American Heart Month – Five Numbers to Know!
February 13, 2019 | Dawn Wiggington, American Heart Association
During American Heart Month each February, the nation comes together, igniting a wave of red from coast to coast. From landmarks to news anchors and neighborhoods to online communities; this annual groundswell unites millions of people for a common goal: the eradication of heart disease and stroke.
During February, staff, volunteers, survivors and donors amplify Go Red for Women’s lifesaving message: to keep awareness high and prompt action including, but not limited to, knowing your numbers and family history, recognizing the signs and symptoms of both a heart attack and stroke, learning CPR, making a healthy behavior change and more.
About Go Red for Women
The American Heart Association’s Go Red for Women® movement is the trusted, passionate, relevant force for change to end heart disease and stroke in women all over the world. While nearly 80 percent of cardiac events can be prevented, cardiovascular disease is the leading cause of death in women, claiming the lives of 1 in 3 women. For 15 years, Go Red for Women has provided a platform for women to come together, raise awareness, fund lifesaving research, advocate for change and improve the lives of all women everywhere. The American Heart Association’s Go Red for Women movement is nationally sponsored by CVS Health, with additional support from national cause supporters. Connect with us on GoRedforWomen.org, Facebook, Twitter or by calling 1-888-MY-HEART (1- 888-694-3278).
Five Numbers that all women should know to take control of their heart health are:
- Total Cholesterol
- HDL (good) Cholesterol
- Blood Pressure
- Blood Sugar
- Body Mass Index (BMI)
Knowing these numbers can help women and their healthcare provider determine their risk for developing cardiovascular diseases. It’s time for all women to learn the most critical numbers in their life – their hearts depend on it.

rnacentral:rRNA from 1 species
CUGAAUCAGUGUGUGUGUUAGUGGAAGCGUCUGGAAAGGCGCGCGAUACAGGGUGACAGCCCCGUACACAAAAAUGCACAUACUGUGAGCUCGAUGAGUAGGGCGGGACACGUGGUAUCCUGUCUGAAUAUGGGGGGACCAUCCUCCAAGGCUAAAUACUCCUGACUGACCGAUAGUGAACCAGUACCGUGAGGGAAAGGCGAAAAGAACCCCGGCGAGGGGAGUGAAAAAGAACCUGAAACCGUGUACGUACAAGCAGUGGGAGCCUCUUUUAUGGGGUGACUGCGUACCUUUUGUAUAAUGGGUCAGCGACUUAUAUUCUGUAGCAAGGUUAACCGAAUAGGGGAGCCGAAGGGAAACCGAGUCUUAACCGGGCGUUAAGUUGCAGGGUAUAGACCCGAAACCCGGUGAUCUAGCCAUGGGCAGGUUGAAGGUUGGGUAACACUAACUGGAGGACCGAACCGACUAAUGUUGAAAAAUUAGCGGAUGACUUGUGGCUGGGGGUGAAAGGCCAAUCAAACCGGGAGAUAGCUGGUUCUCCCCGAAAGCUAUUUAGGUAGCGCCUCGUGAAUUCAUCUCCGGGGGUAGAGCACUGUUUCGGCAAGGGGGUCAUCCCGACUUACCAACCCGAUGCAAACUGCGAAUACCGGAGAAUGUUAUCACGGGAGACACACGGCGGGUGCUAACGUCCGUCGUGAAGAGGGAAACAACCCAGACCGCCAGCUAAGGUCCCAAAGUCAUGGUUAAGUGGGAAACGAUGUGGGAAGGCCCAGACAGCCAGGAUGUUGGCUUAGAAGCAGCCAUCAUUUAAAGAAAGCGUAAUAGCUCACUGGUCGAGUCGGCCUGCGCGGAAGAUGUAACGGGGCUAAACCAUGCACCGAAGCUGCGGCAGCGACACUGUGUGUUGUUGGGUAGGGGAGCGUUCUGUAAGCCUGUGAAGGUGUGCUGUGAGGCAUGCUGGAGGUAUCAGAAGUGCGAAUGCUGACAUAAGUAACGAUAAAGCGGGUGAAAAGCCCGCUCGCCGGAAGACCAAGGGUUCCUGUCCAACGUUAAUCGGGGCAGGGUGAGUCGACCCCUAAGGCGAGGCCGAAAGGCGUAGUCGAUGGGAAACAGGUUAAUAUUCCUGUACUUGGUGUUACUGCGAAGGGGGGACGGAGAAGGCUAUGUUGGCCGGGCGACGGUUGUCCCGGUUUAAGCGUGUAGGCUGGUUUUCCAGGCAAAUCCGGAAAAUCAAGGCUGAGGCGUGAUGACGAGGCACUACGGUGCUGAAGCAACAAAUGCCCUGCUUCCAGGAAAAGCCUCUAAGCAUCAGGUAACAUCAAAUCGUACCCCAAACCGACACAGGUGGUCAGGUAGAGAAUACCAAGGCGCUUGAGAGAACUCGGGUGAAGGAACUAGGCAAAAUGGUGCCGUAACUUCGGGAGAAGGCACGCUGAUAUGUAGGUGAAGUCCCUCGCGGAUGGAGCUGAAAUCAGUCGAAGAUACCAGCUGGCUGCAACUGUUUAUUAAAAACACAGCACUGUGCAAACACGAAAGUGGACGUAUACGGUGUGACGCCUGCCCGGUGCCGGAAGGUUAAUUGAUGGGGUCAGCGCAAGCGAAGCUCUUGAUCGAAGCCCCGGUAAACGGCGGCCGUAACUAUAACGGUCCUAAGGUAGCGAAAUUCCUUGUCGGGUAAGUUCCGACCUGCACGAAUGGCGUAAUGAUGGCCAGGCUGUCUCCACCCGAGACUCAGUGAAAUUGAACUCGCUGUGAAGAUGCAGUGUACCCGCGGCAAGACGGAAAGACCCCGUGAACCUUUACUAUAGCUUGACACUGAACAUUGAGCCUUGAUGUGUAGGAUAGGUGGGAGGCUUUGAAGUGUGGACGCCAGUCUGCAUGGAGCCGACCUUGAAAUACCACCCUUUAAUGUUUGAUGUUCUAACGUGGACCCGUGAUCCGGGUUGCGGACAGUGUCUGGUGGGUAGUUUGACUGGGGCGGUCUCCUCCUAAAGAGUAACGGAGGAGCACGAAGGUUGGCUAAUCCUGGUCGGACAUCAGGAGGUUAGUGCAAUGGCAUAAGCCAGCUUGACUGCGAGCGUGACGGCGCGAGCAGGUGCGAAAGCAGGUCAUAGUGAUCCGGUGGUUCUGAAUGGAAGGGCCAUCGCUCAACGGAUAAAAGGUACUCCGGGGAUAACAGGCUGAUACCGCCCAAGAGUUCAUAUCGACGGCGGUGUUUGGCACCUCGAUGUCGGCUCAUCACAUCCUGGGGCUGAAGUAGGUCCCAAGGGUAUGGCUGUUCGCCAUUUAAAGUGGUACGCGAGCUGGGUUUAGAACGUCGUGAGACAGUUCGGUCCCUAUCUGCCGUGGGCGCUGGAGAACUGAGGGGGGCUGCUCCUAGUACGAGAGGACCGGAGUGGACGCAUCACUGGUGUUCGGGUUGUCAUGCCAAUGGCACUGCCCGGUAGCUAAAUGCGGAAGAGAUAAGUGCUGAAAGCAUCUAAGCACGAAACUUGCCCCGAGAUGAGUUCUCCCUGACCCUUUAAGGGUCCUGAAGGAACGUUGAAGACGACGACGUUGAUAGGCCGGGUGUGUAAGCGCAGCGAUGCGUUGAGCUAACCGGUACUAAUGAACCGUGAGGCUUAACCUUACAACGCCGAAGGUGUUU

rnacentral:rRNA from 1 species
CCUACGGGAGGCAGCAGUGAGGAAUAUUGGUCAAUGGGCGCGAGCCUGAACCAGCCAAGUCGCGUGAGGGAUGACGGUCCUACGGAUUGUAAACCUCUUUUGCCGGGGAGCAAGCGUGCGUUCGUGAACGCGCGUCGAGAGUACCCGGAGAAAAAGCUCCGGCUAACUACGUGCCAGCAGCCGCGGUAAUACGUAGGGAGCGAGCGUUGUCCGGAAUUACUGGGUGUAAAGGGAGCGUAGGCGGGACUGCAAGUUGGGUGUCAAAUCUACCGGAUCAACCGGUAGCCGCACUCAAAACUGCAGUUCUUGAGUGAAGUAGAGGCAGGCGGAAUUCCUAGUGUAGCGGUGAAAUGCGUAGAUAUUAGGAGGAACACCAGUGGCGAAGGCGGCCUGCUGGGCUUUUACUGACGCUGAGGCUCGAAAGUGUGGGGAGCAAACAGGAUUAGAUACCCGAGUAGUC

Understand Risk Factors – There are some you can control like blood pressure, smoking, cholesterol, lack of regular physical activity, and some you can’t control like age, gender and family history.
Take Action and Manage Your Numbers – Schedule a separate visit with your healthcare provider to learn these numbers and commit them to memory. Work to improve your numbers, if necessary.
Know the Warning Sign for Hearth Disease and Stroke – cardiovascular diseases kill more women than all forms of cancer combined. Eighty percent of cardiac events in women may be prevented if women made the right choices for their hearts involving diet, exercise and abstinence from smoking. Don’t ignore heart problems. It’s a matter of life and death! For example, you should know the warning signs so that you can get help right away, either for yourself or someone close to you. Acting quickly can save lives!
Some heart attacks are sudden and intense and not one doubts what is happening. But most heart attacks start slowly, with mild pain or discomfort. Often people are sure what’s wrong and wait too long before getting help. Here are signs that can mean a heart attack is happening:
- Uncomfortable pressure, squeezing, fullness or pain in the center of your chest. It lasts more than a few minutes, or goes away and comes back.
- Pain or discomfort in one or both arms, the back, neck, jaw or stomach.
- Shortness of breath with or without chest discomfort
- Other signs such as breaking out in a cold sweat, nausea or lightheadedness.
- As with men, women’s most common heart attack symptom is chest pain or discomfort. But women are somewhat more likely than men to experience some of the other common symptoms, particularly shortness of breath, nausea/vomiting and back or jaw pain.
- If you have any of these signs, don’t wait! Call 9-1-1! Get to a hospital right away!
- Don’t wait longer than a few minutes (no more than five) before calling for help!
Spot a Stroke F.A.S.T. CALL 9-1-1. Get to a Hospital right away. Calling 9-1-1 is almost always the fastest wat to get lifesaving treatment. Emergency Medical Services (EMS) staff can begin treatment when they arrive – up to an hour sooner than if someone gets to the hospital by car. The staff are also trained to revive someone whose heart has stopped. You’ll also get treated faster in the hospital if you come by ambulance. If you can’t access EMS, have someone drive you to the hospital right away. If you’re the one having symptoms, don’t drive yourself unless you have absolutely no other option. Time to Call 9-1-1:
F = Face Drooping
A = Arm Weakness
S = Speech Difficulty
T = Time to call 911
Be relentless in support of women’s health.
Together we are empowering women to beat heart disease and stroke, giving them more time to do amazing things. Let’s come together to prevent heart disease and stroke!